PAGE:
Visual Experiences: Icons in Transformation
Erie Reader art critic Luke Gehring weighs in on a controversial art show that he claims is offensive to certain local religious communities. Do you agree with him?
It is impossible to truly understand and appreciate holy icons unless you are an Orthodox Christian – so much do they go to the heart, soul, and worship of the Orthodox people. In the interest of full disclosure, I am an Orthodox Christian with more than a passing knowledge of iconography, and I was initially called to the Church by the icon and was named for the first iconographer. I cannot approach the subject neutrally.
I have always declined teaching how to "write an icon" to the non-Orthodox not knowing what the spiritual consequences might be for me and those meddling with a spirituality that is not their own.
Holy icons belong to the Orthodox Church, period.
This show is puzzling, beginning with the title; for using "icons" and "transformation" together is redundant. You can't talk about the theology of the icon without talking about transfiguration and transformation. However, speaking of transforming the icon into something else is a different matter entirely.
The artist's name certainly is Orthodox sounding, and the fact that she was born in Kazakhstan likewise suggests an Orthodox connection. But why the show at an Episcopal Cathedral? True, Anglican churches all seem to have an icon these days, but they lost this Tradition after 1066 when England was invaded by papal forces and communion with Constantinople was broken. Like most Westerners, Episcopalians don't seem to have any true understanding of icons. The private reception is a viewing and cocktail party – could anything be more inappropriate for holy things? – held insensitively on a church night during the Nativity Fast when alcohol, certain foods, and frivolous entertainments are avoided by the Orthodox. The opening remarks are by the Cathedral's dean, who seemingly has no credentials to do so. The second reception is in conjunction with the service of Lessons and Carols, a distinctly Episcopalian event that the Orthodox cannot canonically attend.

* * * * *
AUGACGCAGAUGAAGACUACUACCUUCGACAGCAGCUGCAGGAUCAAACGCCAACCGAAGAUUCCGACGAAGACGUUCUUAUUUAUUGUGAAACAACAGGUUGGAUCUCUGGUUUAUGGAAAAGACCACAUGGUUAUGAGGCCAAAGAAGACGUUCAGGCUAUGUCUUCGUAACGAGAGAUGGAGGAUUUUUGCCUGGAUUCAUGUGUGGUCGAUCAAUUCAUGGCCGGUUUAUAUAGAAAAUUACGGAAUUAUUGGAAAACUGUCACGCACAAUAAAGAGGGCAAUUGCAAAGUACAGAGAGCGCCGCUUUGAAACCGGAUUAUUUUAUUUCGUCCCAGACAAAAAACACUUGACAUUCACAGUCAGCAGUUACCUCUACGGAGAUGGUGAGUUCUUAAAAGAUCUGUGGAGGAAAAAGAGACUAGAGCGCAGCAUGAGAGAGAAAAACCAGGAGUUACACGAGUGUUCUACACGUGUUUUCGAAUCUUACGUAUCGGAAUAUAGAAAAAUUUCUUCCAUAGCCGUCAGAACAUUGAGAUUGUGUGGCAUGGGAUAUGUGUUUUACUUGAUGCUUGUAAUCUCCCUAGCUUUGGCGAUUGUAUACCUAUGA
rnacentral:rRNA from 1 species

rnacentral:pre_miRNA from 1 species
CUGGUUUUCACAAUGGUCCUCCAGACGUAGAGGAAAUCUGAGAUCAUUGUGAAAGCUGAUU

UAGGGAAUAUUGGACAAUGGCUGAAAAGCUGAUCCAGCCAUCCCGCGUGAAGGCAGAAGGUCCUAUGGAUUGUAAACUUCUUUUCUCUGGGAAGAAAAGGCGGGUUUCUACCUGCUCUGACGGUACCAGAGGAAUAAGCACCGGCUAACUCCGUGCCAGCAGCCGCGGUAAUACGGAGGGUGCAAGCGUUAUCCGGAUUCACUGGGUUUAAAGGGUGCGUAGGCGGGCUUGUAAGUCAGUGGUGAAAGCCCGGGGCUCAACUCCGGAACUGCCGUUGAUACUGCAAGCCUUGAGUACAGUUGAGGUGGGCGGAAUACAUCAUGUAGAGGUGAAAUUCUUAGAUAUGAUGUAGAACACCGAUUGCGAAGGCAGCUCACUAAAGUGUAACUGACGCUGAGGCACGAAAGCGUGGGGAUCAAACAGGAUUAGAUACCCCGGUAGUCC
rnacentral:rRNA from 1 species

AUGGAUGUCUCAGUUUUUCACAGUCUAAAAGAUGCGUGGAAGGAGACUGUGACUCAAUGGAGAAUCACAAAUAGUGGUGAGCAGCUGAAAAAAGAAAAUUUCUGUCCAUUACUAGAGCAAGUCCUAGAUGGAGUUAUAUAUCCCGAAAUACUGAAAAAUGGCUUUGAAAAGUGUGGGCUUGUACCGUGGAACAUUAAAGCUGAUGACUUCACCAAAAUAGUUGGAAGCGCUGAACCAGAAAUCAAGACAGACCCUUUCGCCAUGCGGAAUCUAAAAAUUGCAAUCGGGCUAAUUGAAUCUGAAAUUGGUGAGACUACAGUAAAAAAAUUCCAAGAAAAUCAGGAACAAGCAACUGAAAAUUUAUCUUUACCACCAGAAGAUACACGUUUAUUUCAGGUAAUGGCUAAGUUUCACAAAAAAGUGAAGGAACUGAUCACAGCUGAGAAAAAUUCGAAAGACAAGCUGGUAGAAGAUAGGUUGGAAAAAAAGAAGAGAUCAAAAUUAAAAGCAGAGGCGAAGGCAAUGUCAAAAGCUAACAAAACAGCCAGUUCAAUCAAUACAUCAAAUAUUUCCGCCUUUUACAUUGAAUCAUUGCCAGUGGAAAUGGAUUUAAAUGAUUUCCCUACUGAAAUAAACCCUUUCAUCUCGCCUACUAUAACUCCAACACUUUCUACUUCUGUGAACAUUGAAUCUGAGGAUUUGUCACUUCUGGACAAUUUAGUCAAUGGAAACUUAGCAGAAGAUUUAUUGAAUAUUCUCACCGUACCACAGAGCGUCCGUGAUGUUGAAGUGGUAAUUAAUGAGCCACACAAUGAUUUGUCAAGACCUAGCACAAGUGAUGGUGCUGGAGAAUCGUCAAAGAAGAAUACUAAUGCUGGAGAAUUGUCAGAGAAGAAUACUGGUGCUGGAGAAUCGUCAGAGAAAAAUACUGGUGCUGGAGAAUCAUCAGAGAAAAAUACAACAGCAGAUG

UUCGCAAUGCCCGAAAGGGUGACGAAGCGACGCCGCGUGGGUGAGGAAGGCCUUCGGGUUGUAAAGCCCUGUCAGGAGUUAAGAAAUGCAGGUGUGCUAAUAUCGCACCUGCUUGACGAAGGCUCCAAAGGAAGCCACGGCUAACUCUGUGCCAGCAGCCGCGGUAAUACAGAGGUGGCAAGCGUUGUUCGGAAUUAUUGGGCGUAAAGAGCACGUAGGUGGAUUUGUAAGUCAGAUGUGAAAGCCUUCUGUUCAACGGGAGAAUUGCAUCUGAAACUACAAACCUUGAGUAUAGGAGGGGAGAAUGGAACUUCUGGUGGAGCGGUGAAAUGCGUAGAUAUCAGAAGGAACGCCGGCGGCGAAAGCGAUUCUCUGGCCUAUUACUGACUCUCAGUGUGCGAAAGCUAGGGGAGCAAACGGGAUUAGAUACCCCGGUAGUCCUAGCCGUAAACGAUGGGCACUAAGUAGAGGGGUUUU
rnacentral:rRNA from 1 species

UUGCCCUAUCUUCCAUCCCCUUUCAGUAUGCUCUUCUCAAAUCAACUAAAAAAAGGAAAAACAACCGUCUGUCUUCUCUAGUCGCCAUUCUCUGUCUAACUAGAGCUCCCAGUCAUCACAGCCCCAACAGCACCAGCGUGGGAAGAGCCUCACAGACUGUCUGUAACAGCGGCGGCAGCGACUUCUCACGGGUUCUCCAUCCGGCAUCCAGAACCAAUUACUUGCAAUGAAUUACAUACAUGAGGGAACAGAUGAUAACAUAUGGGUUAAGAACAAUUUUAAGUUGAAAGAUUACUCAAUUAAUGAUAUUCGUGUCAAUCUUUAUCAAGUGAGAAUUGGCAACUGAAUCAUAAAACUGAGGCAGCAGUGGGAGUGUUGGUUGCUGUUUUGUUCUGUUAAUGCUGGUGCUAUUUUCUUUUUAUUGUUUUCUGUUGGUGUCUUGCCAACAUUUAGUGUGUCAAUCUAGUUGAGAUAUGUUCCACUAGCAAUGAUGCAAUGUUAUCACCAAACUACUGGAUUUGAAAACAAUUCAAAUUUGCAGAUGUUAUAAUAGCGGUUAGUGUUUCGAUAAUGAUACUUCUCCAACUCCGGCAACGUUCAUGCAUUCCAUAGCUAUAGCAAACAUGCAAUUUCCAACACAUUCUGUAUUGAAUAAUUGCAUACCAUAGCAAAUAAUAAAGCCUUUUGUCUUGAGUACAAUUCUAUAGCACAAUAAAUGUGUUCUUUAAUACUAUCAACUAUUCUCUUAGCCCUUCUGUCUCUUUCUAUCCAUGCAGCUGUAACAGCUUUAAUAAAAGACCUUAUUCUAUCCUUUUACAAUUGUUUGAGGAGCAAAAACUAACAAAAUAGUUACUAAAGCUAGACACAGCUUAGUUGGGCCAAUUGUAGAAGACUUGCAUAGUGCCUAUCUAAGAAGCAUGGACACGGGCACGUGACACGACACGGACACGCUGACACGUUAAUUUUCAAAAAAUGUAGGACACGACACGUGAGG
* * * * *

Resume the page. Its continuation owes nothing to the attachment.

My misgivings mounted and the more I learned about the artist, her art, and the history of this show, the more I disquieted I became. One informant told me he had been a consultant to this show, and finding in Ms. Ludmila Pawlowska's art nothing iconographic, tried to warn the show's committee that they risked offending an entire religious community, which they disregarded.
St. John of Damascus said, "Show me the icons you venerate, and I will tell you what you believe." This show is the dichotomy of holy icons put on display by a people who typically do not use or venerate them, juxtaposed to art supposedly icon-derived – though what the justification is for demoting the universal and Devine to the ego-centric and secular is not apparent.
Ms. Pawlowska says, "Icons have a spiritual power – you see the eyes and are hypnotized." The sad gaze of the Virgin of Vladimir, the great masterpiece attributed to St. Luke, comes to mind here, and Ms. Pawlowska, who has detached eyes strewn all over the gallery, may have had this image in mind when she created "Your Face I am Looking For," a pair of monochrome isolated eyes slapped onto a field of orangey nothingness. Lack of compositional skill aside, these dewy peepers have little in common with the icon. Theologically speaking, the eyes of the icon always appears dry, because "God Himself will wipe away every tear" (Apoc. 7:17).